This type of essay is created on the basis of an interview conducted by the author of the paper. Therefore it is vital to understand how to conduct an interview and what questions are crucial for a good interview essay. This essay type has the aim of revealing the personality of the interviewed person to the reader and this is the reason the questions should be concentrated on the person’s main life positions, opinions, interests and preferred activities. All the questions revealed in an interview essay and therefore in the interview must be very precise to avoid incorrect personality portrait.
The conclusion should match the introduction in terms of the ideas presented
and the argument put forward. Sometimes you will find that the process
of writing has changed what you have argued and so it will be necessary
to go back and reword the introduction. Finally, the conclusion is not
the place in your essay to introduce new information or new ideas: these
should be in the body of your essay.
Example of an essay conclusion 1
Essay Question: : Italy on the eve of 1860 has often been described
as an unlikely nation. Why?
Before 1860, only a tiny minority of the population believed that
Italy could ever become a unified nation under one Italian ruler.
Yet, despite this belief and the many obstacles blocking the path
to unification such as differences and suspicion between the many
regions of the peninsula, the lack of planning and common goals that
saw many uprisings fail and the divergent views and politics amongst
the men who fought for unity, the Piedmont region emerged "...as the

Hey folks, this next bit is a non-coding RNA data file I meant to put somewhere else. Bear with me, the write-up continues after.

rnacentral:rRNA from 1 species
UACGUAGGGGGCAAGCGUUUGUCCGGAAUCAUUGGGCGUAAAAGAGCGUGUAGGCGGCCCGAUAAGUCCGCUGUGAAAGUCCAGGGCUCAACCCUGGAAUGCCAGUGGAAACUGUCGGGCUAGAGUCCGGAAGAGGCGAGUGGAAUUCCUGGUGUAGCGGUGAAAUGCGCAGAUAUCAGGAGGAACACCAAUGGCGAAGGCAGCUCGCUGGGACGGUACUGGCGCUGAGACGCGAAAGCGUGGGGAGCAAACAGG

nucleus around which the rest of Italy could gather" (Mack Smith,
1959: 17). On March 17, 1861, the Kingdom of Italy was proclaimed.
Italy was no longer a geographical expression, it was a nation.
reference to essay question
reiteration of thesis point
overview of main arguments explaining the obstacles to Italy's unification
concluding comment and reference to essay question 1 This essay has been adapted from material developed by R. Woodward-Kron, E. Thomson & J. Meek (2000) Academic Writing: a language based guide (CD-ROM), University of Wollongong
© Copyright 2000
Comments and questions should
be directed to [email protected]
In 1999 this piece also picked up an attribution to an unnamed student who witnessed the killings at Littleton in the aftermath of the 20 April 1999 Columbine shootings, while America was still struggling to make sense of that day’s horrific events. The killings at Columbine shook us deeply, leaving behind a nation of survivors looking for the one set of answers which could begin to explain the horrifically inexplicable. Having this essay flow from the pen of an unnamed student who bore witness to this unspeakable act of violence made sense: surely such a teen would have valuable words of wisdom or cautions we all should heed. The oft-repeated header “A Columbine High School student wrote” infused the essay with the significance and meaning folks thirsted for.